Open Access Articles- Top Results for Band 3

Band 3

For the radio frequency range, see Band III.
SymbolsSLC4A1 ; AE1; BND3; CD233; DI; EMPB3; EPB3; FR; RTA1A; SW; WD; WD1; WR
External IDsOMIM109270 MGI109393 HomoloGene133556 IUPHAR: 904 GeneCards: SLC4A1 Gene
RNA expression pattern
File:PBB GE SLC4A1 205592 at tn.png
More reference expression data
RefSeq (mRNA)NM_000342NM_011403
RefSeq (protein)NP_000333NP_035533
Location (UCSC)Chr 17:
42.33 – 42.35 Mb
Chr 11:
102.35 – 102.37 Mb
PubMed search[1][2]
solute carrier family 4 (anion exchanger), member 1, adapter protein
Symbol SLC4A1AP
Entrez 22950
HUGO 13813
OMIM 602655
RefSeq NM_018158
UniProt P02730
Other data
Locus Chr. 2 p23.3

Band 3 anion transport protein also known as anion exchanger 1 (AE1) or band 3 or solute carrier family 4 member 1 (SLC4A1) is a protein that in humans is encoded by the SLC4A1 gene.

Band 3 anion transport protein is a phylogenetically preserved transport protein responsible for mediating the exchange of chloride (Cl) for bicarbonate (HCO3) across a plasma membrane. Functionally similar members of the AE clade are AE2 and AE3.[1]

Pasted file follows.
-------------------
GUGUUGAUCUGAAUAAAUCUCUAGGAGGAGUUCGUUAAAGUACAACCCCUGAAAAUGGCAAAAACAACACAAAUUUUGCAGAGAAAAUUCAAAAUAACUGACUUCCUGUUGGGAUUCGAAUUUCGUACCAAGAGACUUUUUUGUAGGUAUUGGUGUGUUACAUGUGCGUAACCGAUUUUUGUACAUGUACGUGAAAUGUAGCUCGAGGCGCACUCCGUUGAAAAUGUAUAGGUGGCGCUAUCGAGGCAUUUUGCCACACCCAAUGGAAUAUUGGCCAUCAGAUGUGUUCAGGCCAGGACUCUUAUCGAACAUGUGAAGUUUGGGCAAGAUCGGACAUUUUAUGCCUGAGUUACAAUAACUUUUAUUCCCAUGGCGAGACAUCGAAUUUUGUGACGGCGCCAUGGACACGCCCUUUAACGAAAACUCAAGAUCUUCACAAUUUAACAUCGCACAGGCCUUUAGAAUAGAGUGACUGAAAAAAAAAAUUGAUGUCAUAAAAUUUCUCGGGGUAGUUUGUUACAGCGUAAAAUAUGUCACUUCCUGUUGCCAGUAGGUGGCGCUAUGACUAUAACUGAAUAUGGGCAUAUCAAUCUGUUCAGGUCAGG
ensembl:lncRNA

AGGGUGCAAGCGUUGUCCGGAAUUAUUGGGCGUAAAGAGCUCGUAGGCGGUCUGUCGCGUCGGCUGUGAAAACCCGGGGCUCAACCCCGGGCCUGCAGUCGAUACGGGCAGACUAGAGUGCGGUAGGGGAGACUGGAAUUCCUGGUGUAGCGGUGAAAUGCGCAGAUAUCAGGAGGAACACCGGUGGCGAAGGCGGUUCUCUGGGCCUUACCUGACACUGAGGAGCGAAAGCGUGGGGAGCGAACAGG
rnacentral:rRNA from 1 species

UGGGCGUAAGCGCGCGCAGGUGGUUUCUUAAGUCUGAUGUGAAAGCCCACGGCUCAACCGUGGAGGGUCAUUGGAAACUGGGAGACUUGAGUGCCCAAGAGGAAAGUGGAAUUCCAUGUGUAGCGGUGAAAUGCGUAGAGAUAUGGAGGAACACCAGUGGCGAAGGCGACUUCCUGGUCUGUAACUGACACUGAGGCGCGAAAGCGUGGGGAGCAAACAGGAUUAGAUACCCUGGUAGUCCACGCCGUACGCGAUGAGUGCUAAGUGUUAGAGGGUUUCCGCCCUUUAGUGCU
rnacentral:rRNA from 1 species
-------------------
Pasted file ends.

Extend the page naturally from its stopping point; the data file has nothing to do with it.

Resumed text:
This is present in the principal acid secreting cell of the kidney, which generates hydrogen ions and bicarbonate ions from carbon dioxide and water - a reaction catalysed by Carbonic anhydrase. The hydrogen ions are pumped into the collecting duct tubule by vacuolar H+ ATPase, the apical proton pump, which thus excretes acid into the urine. kAE1 exchanges bicarbonate for chloride on the basolateral surface, essentially returning bicarbonate to the blood. Here it performs two functions:

  • Electroneutral chloride and bicarbonate exchange across the plasma membrane on a one-for-one basis.This is crucial for CO2 uptake by the red blood cell and conversion (by hydration catalysed by carbonic anhydrase) into a proton and a bicarbonate ion. The bicarbonate is then extruded (in exchange for a chloride) from the cell by the band 3 molecule.